Florian Becker's greatest concern is what special rights for children could imply for the application of previous basic rights to children, especially over the long term. Today everyone may agree that the application of existing basic rights should not change even after an amendment. "But no one knows how this would be interpreted by a constitutional court ten years from now," says Becker. This could have a particularly touchy effect on the right to life, for example. The life of the unborn child is currently protected to the same degree as the born, says the federal constitutional court. "Some people want to change that," observes Becker. A special right of children to life and health could then lead to embryos and foetuses being legally differentiated from born children, which could affect previously well-established constitutional rulings on abortion.
Simple laws would be more helpful
The mildest consequence of including special rights for children in the constitution would simply be irrelevance, according to Professor Becker: no concrete claims for children could be derived from including in the constitution, for example, that the state is obligated to support the development of children. Symbolically, on the other hand, it could make sense. For example, it could jolt the state into doing something, but this would not create a single daycare position or build a playground. "The things that really help children happen at the level of simple laws and finances," says Becker. If it doesn't have any negative effects on previous fundamental rights, then including basic rights for children would not do any harm, but it would also not do any good. "The danger is the dynamic that such a change could develop over ten or fifteen years."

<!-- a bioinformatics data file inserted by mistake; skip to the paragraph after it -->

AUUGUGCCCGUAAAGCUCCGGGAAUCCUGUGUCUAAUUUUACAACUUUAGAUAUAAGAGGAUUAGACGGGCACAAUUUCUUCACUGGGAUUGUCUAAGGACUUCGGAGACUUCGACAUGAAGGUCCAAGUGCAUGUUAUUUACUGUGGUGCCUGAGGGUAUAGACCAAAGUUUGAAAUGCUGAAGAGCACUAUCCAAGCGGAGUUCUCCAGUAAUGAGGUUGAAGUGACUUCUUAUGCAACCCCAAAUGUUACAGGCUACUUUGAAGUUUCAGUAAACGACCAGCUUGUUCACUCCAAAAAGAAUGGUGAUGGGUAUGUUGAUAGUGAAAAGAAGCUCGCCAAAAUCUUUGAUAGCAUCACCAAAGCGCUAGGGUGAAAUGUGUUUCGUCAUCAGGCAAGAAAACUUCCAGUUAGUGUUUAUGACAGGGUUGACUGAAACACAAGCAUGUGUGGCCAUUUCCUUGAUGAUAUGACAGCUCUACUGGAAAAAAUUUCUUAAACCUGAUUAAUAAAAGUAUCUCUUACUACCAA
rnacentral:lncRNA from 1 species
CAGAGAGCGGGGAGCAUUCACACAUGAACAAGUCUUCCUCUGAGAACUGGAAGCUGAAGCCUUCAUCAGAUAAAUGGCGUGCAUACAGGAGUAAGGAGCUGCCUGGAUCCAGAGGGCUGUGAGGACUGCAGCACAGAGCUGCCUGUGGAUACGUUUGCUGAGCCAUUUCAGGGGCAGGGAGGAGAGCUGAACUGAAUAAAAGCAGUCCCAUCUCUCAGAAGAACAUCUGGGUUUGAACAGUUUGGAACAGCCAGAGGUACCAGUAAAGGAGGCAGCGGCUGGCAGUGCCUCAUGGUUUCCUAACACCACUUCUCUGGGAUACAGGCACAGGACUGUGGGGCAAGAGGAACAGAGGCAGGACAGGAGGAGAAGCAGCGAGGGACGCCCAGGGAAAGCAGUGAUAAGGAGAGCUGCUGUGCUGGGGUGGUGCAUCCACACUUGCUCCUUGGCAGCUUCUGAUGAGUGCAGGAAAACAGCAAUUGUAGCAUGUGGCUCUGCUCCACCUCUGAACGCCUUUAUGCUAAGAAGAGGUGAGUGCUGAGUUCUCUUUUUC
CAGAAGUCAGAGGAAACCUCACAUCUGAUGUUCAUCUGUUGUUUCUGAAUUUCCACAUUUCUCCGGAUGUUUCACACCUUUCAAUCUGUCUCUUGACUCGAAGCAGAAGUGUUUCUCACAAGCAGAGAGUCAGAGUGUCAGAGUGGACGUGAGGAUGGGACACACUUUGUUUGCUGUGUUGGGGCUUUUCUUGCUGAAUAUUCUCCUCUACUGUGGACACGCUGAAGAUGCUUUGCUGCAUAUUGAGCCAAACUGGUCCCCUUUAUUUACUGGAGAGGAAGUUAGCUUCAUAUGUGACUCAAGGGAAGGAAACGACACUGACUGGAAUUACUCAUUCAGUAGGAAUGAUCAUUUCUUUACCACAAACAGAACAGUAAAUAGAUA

Author: Denis Schimmelpfennig
A Bund/Länder group is currently advising on the design of a change to the Basic Law intended to anchor children's rights in the constitution. The parliamentary factions Die Linke and Bündnis90/Die Grünen have already submitted suggestions for legislation. The draft from Die Grünen appears harmless to Professor Florian Becker: "It would not do anything, but would not be harmful." The party wants to change four paragraphs in Article 6 (changes in bold):
- (1) Children, marriage and the family shall enjoy the special protection of the state.
- (2) The care and upbringing of children, with respect for their personality and growing independence, is the natural right of parents and a duty primarily incumbent upon them. The state shall watch over them in the performance of this duty.
- (4a) Every child has the right to support in its development. In all matters relating to the child, it shall participate as appropriate for its age and maturity; the will and first and foremost the welfare of the child shall be considered as authoritative.
- (5) Children born outside of marriage shall be provided by legislation with the same opportunities for physical and mental development and for their position in society as are enjoyed by those born within marriage.